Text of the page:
Churn Dash Quilt Block

quilt block churn dash

I am really good at procrastinating. I’m not so good at hurrying up a patchwork quilt. But who’s in a hurry, anyway?! Let’s not dwell on how much time it’s taken me to get to 25 blocks. Let’s not even spare a seconds-thought to how much longer before my amazing quilt will be ready to throw over my bed. Let’s just focus on the here and now!

This is a Churn Dash quilt block. Also known as a Churn Dasher or Roads to Berlin. The 25th block I’ve created to date and boy can you see how out of practice I am!

If I’d have retained momentum. I’m sure the inset seams would have been neater. Only one point matches up precisely. And I’m so pleased with that. But not pleased enough to unpick and sort out the other three!

It’s only that Mr O is away that I’m doing this otherwise I should truly be working on his waistcoat. So I should not spend a minute more on this. In any case. If I want that ‘handmade’ look about my quilt, it needs to have a couple of imperfections at least! The next one will be spot on, I’m sure.

Block Facts:

Name: ‘Churn Dash’ or ‘Churn Dasher’ or ‘Roads to Berlin’
History: Another 1930s favourite. One of many blocks inspired by 19th century domestic appliances! Works on its own or used as part of a more complex design.
Level: Set in seams require experience.
No. of pieces: 9

Progress report:

Block 1: The Double Four Patch
Block 2: The Whirlwind
Block 3: The Sailboat
Block 4: The Shoo-fly
Block 5: The Trafalgar
Block 6: The Windmill
Block 7: The Chequer Square
Block 8: The Diamond Square
Block 9: The Cactus Pot
Block 10: The Sawtooth Star
Block 11: To come!
Block 12: The Windmill Sails block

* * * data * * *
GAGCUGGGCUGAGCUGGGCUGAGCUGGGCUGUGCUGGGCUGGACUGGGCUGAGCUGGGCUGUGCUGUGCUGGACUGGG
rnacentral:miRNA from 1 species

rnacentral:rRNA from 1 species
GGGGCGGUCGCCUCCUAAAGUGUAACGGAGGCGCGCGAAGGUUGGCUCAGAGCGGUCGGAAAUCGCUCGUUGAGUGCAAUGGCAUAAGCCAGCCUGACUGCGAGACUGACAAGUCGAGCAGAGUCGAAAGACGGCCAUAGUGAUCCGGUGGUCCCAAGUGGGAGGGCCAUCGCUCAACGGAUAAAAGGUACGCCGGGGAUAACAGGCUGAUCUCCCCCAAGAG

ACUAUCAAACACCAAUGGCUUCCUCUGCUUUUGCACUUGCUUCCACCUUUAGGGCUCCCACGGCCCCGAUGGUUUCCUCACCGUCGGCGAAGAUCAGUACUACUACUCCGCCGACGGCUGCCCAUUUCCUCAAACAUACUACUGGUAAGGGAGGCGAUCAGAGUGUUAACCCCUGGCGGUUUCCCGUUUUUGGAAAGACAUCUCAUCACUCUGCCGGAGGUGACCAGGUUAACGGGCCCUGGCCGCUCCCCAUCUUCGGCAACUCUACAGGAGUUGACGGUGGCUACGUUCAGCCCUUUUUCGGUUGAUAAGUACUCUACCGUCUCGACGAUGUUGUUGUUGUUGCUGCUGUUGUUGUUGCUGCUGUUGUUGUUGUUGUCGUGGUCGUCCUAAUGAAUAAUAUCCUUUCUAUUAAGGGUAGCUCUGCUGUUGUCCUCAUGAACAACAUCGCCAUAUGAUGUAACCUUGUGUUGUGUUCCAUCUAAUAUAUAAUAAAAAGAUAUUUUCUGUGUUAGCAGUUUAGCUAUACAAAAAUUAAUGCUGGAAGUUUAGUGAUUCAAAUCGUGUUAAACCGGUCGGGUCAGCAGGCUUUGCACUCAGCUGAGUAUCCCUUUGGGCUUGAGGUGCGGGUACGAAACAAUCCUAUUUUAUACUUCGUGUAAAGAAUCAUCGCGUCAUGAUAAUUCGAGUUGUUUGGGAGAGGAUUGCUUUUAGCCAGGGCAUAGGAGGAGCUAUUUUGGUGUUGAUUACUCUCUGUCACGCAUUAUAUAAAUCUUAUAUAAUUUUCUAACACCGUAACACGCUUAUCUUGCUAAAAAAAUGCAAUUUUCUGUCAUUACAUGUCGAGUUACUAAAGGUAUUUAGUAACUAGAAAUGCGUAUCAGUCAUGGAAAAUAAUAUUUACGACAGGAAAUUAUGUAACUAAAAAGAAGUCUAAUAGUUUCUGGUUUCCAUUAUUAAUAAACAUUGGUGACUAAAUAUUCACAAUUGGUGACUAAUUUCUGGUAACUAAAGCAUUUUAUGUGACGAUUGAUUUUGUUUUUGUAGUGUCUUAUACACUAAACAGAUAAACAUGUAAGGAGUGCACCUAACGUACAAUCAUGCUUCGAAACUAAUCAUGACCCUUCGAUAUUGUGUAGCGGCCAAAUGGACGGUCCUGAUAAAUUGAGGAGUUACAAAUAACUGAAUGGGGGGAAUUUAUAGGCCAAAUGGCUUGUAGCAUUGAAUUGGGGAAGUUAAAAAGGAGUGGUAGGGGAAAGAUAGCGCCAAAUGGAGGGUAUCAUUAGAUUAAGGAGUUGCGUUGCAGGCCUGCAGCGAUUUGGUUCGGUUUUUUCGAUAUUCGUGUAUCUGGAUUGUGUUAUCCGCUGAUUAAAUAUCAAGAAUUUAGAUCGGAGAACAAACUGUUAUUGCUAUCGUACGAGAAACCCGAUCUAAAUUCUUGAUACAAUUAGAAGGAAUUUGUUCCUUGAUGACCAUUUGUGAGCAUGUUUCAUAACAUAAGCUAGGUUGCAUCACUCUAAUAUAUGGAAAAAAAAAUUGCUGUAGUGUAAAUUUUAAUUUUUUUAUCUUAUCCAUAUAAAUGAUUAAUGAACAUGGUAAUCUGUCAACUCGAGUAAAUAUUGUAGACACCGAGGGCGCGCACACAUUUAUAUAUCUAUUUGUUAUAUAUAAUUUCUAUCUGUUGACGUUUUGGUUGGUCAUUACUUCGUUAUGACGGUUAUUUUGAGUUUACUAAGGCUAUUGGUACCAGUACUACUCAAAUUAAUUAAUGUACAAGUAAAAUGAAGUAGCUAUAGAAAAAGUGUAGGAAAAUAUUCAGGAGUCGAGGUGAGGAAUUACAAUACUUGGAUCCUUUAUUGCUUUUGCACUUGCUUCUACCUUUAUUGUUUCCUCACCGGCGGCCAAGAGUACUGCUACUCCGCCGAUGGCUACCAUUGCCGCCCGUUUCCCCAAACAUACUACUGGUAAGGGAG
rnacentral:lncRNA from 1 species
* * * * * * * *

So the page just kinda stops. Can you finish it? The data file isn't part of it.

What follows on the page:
Block 13: The Basket of Flowers block
Block 14: Susannah
Block 15: Road to Oklhahoma
Block 16: Chequer Star
Block 17: Nelson’s Victory
Block 18: Fair and Square
Block 19: Diamond Pinwheel
Block 20: Whirligig
Block 21: Old Maid’s Puzzle
Block 22: Whirlwind Square
Block 23: Windblown Square
Block 24: Basket of Flowers block revisited
Block 25: Churn Dash

5 thoughts on “Churn Dash Quilt Block

  1. I’m all for having a ‘handmade’ look to quilts which is just as well as nobody would ever think mine were anything but. Not quite matching points and less than perfect quilting stitches are what make quilts so personal and charming. By the time you get to join all your blocks together and make the quilt sandwich and add your quilt label you will be so pleased with it you won’t notice any little imperfections – and neither will anybody else. Honest!

  2. Hello! Now that is a pretty block, and quite different from the block we call a churn dash around here, which is pretty typical of quilt block names 🙂 I think your one would look amazing as a repeated block, that sense of motion would have a lot of design energy.

    1. I’d be interested to see what your Churn Dash looks like! It’s pretty crazy as a repeat. Who knows I might even try that in another 3 years time!!

  3. Absolutely stunning, dear Lady. I deeply admire people who sew patchwork … I am totally unfit for the job !! Whoever thinks of the time spent when you finally finish and enjoy it?

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